Jack Del Rio is coaching like the Raiders are already in Las Vegas.
This week, "Black Jack Del Rio" made another dice-roll call during a crucial moment in the game. The Raiders found themselves fourth and goal on the two-yard line, in the final quarter — and Del Rio gave his offense the green light to go for it.
And, just like last week, the coach was rewarded with a Derek Carr-to-Michael Crabtree strike. This touchdown notched Sunday's game against the Atlanta Falcons at a 21-21 tie with 12 minutes remaining.
And then it all fell apart.
The Raiders much-hyped defense had zero answer for Atlanta's run-pass attack, which racked up 531 total yards in its 35-28 road victory in Oakland.
Devonta Freeman and Tevin Coleman bruised the Raiders front line for a combined 139 rushing yards. Matt Ryan went air for 396. The Falcons owned the middle of the field, with Ryan repeatedly finding Jacob Tamme and Julio Jones on slant routes.
The Falcons also got the big breaks. In the fourth quarter, on third and goal, a Ryan pass was deflected, only to land in wideout Justin Hardy's hands, which put Atlanta up 35-21.
The Raiders didn't go down quiet, however, and clawed within seven. But the defense again couldn't lock in one single stop, and the Falcons converted a first down to seal the victory.
A few thoughts:
1. Raiders came out the gate cold, racking up just 33 yards of offense in the first quarter and an underwhelming 167 by the half. That's not going to cut it at home. Coordinator Bill Musgrave's schemes are again too predictable this year, and his play calling too timid early in the game.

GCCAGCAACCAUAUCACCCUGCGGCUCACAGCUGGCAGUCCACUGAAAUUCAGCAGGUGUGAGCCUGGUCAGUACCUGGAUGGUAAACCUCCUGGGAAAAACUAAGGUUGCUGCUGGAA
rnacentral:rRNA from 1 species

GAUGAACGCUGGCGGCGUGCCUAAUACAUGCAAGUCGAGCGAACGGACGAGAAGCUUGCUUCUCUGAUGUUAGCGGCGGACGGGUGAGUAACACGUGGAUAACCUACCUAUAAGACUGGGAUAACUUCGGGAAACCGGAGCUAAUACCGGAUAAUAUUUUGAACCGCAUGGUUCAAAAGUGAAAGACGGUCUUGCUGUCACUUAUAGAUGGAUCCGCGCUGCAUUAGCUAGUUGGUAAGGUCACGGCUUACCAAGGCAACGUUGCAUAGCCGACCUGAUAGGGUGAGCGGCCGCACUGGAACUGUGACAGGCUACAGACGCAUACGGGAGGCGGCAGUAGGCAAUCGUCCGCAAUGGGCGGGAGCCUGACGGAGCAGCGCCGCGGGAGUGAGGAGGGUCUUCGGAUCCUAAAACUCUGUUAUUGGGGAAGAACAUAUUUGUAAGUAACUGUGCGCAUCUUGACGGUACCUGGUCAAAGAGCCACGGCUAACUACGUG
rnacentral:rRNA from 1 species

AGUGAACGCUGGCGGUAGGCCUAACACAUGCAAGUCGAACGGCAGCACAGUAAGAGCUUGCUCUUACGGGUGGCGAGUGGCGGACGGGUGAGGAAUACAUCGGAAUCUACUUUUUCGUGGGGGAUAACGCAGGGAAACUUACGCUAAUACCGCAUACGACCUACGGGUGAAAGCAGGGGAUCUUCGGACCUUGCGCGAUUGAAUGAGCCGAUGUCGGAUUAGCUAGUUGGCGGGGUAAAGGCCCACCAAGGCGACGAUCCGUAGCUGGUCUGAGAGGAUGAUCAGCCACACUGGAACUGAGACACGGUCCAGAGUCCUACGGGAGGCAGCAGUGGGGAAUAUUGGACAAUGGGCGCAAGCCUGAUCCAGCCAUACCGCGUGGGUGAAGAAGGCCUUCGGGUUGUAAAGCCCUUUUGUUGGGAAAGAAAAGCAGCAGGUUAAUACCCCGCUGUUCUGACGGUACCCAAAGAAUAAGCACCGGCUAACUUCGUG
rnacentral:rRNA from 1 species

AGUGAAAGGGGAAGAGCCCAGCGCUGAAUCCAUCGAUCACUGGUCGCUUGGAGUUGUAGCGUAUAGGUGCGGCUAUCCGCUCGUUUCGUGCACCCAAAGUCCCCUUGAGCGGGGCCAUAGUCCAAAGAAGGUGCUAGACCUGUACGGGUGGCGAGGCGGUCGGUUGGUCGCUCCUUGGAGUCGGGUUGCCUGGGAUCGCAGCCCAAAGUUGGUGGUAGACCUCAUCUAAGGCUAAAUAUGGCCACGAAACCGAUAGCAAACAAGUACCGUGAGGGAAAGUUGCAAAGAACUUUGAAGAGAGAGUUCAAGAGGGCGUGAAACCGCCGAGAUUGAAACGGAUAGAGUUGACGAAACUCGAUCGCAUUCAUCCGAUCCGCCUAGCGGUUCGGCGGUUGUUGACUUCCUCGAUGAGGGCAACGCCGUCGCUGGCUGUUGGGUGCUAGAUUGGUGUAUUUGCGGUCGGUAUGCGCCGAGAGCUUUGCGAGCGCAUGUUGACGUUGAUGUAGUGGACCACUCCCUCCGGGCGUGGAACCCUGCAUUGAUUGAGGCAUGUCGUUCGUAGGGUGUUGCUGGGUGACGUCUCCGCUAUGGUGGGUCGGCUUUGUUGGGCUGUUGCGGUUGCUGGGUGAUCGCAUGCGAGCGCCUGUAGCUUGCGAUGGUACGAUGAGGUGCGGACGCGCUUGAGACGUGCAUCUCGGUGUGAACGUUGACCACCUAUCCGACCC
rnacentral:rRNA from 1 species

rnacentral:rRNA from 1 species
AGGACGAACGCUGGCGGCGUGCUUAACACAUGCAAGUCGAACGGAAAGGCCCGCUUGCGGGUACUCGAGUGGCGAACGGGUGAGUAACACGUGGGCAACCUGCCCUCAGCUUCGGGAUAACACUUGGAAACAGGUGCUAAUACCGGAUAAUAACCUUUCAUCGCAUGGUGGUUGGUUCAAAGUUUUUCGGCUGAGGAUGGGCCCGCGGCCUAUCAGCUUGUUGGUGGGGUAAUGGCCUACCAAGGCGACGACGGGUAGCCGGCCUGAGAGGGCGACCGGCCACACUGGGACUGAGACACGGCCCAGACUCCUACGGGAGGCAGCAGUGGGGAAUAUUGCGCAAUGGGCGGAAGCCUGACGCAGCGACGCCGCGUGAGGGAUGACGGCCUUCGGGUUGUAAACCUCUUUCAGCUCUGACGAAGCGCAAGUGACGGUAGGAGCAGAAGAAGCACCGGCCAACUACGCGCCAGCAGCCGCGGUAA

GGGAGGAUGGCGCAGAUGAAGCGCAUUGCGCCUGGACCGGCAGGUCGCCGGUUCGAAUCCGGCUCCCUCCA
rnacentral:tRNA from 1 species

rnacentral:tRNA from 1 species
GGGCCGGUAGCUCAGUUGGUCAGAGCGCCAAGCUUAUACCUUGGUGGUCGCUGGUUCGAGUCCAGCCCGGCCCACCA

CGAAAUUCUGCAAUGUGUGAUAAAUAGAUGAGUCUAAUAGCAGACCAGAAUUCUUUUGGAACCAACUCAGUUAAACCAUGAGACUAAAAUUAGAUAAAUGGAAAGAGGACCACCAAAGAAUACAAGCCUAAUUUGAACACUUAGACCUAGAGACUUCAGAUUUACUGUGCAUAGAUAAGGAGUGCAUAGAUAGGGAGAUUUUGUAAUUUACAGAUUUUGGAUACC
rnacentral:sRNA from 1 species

2. Derek Carr tossed three TDs and didn't turn the ball over, but he also didn't move the ball deep. Need those big plays.
3. I actually embrace the Raiders RB-by-committee, and the guys put up a varied attack on the ground, going for 155 yards. Latavius Murray had a solid game, with 101 total yards and a TD.
4. The defense was completely lost all day, giving up multiple third-and-long conversions and a significant number of yards on the ground, including 53 yards in the opening fifteen minutes. They also clearly can't defend the middle, and teams are certainly going to pick at this weakness.
5. Amari Cooper was quiet (four catches, 55 yards), except for a fantastic 25-yard aerial grab in the second quarter.
6. The Raider defense was devoid of a meaningful pass rush. Part of this was because Matt Ryan would drop back deep, in some cases 15 yards. But mostly it was his quick release on cutting routes, such as the 21-yard slant pass to Julio Jones in the second: Jones practically skipped into the end zone and put the Falcons up 10-7.
7. Back to that Raiders first half: It was ugly, and reminiscent of some of the worst Raiders teams in the past ten years. They were fortunate to be down only 13-7. (They could have only trailed by three points, were it not a muffed field-goal attempt by Sebastian Janikowski — granted, from 58-yards.)
8. The only turnover of the day for both teams was when David Amerson made a clutch pick in his own end zone, to stave off another surging Atlanta drive. This was a much-needed moment for the Raider secondary — but it was fleeting.
9. This game was very Vegas. In addition to the Del Rio call and the ridiculous Ryan TD pass to Hardy, there were also some cirque de soleil catches that converted third downs for the Falcons.
10. File under bad calls: Carr hit Cooper for a huge 70-ish yard touchdown, but it was taken back, because the official said No. 89 went out of bounds. Upon replay, however, it was clear that he did not intentionally go out of bounds, but was pushed by a defender. This non-call, non-TD changed the game.
11. But no matter: Raiders are not a good team. Yet. They still need a pass rush (shockingly), a secondary that doesn't give up big plays (that 48-yarder to Jones in crunch time!), and they absolutely must do better to curb opponent's run attack.
12. Giving up 35 points at home — you'll never win.
13. It's worth noting that, before the game, Raider Nation guitarist Craig Chaquico performed one of the more "interesting" national anthem renditions I've ever seen. Very Jimi Hendrix:
No players took a knee during the anthem, at least from my view in the press box.